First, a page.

Rampal power plant to be commissioned despite risk to ecology

Finance Minister AMA Muhith said the Rampal power plant was here to stay but admitted that it would have an adverse effect on the Sundarbans.

Staff Correspondentbdnews24.com
Published : 15 Feb 2016, 04:01 PM
Updated : 15 Feb 2016, 05:07 PM

“That would make some impact, obviously,” he said. “So many vessels will be carrying coal … they will substantially affect the flora and fauna there.”

The coal-fired power plant was being set up in collaboration with India despite huge protests from environmentalists.

They are worried about the affect it will have on the Sundarbans, the largest mangrove forest in the world.

File Photo

But the government has been claiming that necessary measures to protect the environment have been taken.

“Our power ministry has been saying they did a proper environmental survey. It showed that it (power plant) will not have much impact.”

When asked if the project can be moved elsewhere, he said, “That is probably not a possibility.”

Muhith was talking to reporters on Monday after a meeting with Paula Caballero, the World Bank’s senior director for Environment and Natural Resources Global Practice.

A Unesco team is due in Bangladesh in March to assess the risk the Sundarbans is likely to face due to Rampal plant.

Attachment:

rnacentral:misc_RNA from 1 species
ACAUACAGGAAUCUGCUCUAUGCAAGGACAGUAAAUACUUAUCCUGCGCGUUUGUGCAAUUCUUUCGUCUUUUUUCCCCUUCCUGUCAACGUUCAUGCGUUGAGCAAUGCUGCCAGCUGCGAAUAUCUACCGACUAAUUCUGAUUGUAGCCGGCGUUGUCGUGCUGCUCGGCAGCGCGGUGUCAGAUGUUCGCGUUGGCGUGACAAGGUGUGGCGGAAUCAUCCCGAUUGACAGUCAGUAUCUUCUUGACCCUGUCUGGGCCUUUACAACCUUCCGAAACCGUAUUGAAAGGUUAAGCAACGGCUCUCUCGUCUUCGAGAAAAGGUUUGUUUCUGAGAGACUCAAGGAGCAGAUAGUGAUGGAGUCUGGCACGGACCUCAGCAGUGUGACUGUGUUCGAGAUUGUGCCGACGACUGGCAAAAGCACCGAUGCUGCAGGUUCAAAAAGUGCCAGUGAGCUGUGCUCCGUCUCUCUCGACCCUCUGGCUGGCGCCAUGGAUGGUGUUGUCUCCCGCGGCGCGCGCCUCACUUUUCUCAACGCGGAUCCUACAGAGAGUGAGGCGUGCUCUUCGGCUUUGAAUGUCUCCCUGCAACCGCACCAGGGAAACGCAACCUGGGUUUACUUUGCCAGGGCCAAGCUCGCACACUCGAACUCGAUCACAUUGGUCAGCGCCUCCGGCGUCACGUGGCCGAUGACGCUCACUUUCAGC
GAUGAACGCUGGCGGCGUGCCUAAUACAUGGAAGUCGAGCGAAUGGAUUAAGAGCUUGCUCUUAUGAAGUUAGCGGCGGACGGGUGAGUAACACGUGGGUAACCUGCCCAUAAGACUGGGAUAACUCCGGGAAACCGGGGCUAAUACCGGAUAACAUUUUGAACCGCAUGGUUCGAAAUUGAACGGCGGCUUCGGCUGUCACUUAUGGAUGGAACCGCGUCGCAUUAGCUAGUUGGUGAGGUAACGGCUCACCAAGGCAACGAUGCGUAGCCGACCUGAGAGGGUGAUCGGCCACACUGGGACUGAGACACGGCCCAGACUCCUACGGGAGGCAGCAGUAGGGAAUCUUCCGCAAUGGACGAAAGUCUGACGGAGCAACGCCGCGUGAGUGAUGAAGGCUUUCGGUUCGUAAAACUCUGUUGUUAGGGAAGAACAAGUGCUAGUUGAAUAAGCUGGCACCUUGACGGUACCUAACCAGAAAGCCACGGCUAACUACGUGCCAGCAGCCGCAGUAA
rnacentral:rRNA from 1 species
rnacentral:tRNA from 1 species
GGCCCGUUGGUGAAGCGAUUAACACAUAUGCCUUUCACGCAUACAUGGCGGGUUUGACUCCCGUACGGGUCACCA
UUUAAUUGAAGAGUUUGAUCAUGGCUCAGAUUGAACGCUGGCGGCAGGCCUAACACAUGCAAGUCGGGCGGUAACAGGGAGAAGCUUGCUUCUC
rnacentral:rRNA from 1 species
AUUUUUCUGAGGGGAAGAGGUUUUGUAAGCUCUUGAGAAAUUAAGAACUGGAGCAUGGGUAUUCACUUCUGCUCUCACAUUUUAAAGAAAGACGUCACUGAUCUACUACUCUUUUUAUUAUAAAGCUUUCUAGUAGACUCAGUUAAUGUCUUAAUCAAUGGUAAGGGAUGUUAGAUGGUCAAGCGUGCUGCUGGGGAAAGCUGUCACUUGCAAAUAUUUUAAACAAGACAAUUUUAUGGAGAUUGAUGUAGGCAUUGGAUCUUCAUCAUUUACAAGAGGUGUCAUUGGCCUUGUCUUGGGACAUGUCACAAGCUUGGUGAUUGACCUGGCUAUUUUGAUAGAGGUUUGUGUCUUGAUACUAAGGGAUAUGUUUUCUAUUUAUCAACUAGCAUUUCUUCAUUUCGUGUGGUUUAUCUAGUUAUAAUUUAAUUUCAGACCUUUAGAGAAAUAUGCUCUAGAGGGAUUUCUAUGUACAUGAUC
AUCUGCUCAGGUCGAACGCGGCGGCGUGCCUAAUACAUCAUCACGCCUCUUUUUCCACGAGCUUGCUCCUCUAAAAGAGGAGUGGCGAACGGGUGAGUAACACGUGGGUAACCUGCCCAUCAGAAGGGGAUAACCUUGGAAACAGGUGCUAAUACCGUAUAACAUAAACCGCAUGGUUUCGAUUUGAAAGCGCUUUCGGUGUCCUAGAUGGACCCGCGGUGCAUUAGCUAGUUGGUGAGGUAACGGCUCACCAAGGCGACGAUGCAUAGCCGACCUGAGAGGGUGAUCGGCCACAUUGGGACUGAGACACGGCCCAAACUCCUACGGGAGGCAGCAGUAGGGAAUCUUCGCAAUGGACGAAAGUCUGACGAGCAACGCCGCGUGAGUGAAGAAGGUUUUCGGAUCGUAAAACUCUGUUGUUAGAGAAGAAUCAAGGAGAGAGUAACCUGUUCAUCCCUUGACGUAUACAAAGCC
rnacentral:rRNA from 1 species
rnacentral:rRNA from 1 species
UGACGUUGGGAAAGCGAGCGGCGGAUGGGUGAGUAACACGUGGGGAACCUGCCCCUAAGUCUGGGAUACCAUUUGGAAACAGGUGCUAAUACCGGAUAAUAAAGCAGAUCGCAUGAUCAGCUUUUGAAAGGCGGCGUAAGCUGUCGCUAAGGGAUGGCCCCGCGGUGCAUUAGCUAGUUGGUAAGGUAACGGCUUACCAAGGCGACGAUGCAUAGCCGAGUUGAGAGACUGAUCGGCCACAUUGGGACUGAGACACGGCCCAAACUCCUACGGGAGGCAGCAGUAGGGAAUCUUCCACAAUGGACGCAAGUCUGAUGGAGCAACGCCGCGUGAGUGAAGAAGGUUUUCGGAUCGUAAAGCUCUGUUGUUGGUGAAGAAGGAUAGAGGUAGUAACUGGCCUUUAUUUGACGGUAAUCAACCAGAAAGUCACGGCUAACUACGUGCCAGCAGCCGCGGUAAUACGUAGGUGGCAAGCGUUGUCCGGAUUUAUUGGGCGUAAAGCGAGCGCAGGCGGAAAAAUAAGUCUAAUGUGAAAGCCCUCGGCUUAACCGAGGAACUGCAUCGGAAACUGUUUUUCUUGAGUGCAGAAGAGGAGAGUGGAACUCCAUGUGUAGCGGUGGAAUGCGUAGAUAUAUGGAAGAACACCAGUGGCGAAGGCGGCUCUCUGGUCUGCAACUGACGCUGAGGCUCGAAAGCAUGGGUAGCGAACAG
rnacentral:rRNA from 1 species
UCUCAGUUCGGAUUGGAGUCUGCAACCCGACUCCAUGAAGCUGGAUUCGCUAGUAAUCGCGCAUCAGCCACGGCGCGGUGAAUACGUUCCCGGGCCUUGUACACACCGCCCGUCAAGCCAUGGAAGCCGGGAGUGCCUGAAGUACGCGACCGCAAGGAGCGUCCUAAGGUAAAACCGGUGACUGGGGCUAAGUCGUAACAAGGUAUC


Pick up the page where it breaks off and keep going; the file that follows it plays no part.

Asked about the plant, the finance minister first declined to comment.

“I will visit Rampal and speak after that,” he said.

Muhith later made some comments on the project.

“There is no scope to set up a coal-based plant in land-based Bangladesh. We have learnt that lesson. So the coal-based plants will be set up at Moheshkhali, Payra and other coastal areas,” he said.

He said the plants may be set up on the islands linked to Khulna, Bhola and Patuakhali.

About the Sundarbans, he said, “We are cutting Sundari trees aplenty . It will cause separation of a large part of the forest. And it will not be good for us.”

He stressed the need to raise public awareness to preserve the forests.

“We have only 9 percent of forest land but that should be raised to at least 15 percent. So we’ll have to do something domestically for the Sundarbans,” Muhith said.

He said use of LPG may be a solution to the increasing use of wood as fuel.

Asked if the oil prices will be adjusted in line with dropping global oil prices, Muhith said his ministry will discuss the issue with the energy ministry.

“I’ve asked the energy ministry to submit a working paper on the issue to the economic affairs committee. That will lead to more comprehensive discussions there,” he said.

The government has not yet cut down oil prices though that has been falling in the international market for a long time.

According to media reports, BPC has recommended a cut of Tk 5-20.

“I haven’t seen it (recommendation) yet. But this will be the issue for discussion. As the prime minister is in charge of the energy ministry, we will also need her opinion before the meeting,” Muhith said.